You probably won’t cry through ALL of Dear Santa, but expect your eyes to be a little leaky through most of it.
Dear Santa follows the stories of the 2019 version of Operation Santa, a charity begun in 1912 that matches children (and some adults) who have written letters to Santa with donors. Writer and director Dana Nachman follows a few of Santa’s “elves,” which include an elementary school’s student government, a postmaster in a small town in Arizona, and a former Operation Santa recipient. The letters we see have the same range: One child asks for a “rainbow dragon who is a girl warrior,” a lot of them ask for puppies, and one writer asks if God and Santa love him even though he’s gay.
The logistics of Operation Santa are staggering, and Nachman touches on that as she takes us into warehouses with hundreds of elves busily wrapping. Her best choice and deftest touch, though, is that she chooses to concentrate on a few letter writers and the elves who have “adopted” them. Watching a group of tweens shop their way through Target to make sure someone they’ve never met — and probably never will — gets a present is much more meaningful because the audience knows who will be unwrapping that gift on Christmas morning. While some questions are left unanswered (one assumes, for example, that Santa somehow clears it with the parents before dropping off a much-desired bunny), that can be forgiven when you see just how much that bunny means.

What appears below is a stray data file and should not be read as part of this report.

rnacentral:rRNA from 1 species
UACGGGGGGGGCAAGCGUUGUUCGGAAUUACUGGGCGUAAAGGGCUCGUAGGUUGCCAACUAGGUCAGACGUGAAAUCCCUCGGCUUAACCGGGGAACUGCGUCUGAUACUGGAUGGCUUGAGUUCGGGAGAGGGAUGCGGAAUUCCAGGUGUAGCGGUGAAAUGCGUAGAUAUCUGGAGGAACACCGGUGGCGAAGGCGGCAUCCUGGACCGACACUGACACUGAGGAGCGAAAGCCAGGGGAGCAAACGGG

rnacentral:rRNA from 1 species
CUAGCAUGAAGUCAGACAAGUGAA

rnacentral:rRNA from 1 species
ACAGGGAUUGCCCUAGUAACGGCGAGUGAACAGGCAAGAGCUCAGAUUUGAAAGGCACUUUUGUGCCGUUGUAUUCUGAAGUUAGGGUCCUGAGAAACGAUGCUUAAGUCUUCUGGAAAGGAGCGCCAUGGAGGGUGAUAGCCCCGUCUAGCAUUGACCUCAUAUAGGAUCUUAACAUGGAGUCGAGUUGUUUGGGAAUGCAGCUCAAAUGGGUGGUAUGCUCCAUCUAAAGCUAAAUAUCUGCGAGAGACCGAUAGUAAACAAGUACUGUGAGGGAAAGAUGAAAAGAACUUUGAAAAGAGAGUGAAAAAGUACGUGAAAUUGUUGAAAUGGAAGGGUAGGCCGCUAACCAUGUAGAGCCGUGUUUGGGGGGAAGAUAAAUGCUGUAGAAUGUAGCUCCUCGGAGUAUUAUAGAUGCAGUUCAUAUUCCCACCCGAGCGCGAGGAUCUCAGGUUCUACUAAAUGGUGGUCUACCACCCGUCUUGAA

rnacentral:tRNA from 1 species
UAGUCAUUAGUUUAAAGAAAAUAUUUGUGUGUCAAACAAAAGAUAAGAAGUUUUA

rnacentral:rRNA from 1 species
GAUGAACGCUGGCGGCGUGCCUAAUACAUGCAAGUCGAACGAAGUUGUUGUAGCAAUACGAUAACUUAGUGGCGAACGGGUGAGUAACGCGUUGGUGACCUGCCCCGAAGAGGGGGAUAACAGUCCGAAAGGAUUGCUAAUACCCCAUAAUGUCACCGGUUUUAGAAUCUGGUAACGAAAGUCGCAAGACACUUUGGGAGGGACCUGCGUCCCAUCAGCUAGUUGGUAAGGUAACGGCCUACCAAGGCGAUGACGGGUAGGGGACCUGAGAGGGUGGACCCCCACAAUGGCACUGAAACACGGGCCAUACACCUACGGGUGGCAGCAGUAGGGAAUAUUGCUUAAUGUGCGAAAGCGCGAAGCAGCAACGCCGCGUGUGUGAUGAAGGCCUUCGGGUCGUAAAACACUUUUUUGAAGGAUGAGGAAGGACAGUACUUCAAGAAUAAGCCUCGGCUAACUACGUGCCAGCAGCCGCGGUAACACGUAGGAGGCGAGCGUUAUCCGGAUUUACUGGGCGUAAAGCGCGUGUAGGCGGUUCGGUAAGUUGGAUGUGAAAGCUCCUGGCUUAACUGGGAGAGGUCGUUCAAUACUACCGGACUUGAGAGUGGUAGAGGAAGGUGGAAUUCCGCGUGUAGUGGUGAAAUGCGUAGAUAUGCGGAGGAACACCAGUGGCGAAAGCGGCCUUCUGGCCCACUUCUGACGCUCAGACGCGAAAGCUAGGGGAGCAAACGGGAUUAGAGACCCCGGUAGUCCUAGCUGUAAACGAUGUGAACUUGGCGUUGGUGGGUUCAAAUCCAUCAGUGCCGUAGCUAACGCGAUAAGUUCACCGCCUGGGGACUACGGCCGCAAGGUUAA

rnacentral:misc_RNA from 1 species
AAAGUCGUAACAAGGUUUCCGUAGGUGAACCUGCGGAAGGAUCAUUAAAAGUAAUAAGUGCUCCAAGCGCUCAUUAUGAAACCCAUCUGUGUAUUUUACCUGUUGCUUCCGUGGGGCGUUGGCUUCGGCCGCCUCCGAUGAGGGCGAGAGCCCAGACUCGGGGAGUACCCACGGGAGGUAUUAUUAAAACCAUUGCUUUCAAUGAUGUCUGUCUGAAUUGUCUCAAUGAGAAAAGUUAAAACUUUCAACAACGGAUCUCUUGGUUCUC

While Nachman makes sure we can see the recipients happily tearing off wrapping paper, she makes the wise and moving choice to emphasize the givers. She doesn’t turn them into saints, but it’s clear that Operation Santa means just as much to those who answer the letters as it does to those who’ve written them, if not more. Seeing them go through the entire process from choosing a letter from a pile to sending the gift on its way shows just how deeply the volunteers believe in what they’re doing and that they get as much as they give.
Shot in 2019, the film is especially poignant as we approach a Christmas that will be much different than last year’s. Looking at crowded skating rinks and community Christmas parties, it’s understandable that the audience will feel a little pang about what will be missing this year. Still, Dear Santa reminds us that there are some constants: People are at their best when caring for one another, there’s nothing better than a kid’s face right before they start tearing wrapping paper off of a box, and Santa always comes to good little boys and girls.
By the way, you can sign up to read letters and adopt a child at the Operation Santa website beginning December 4.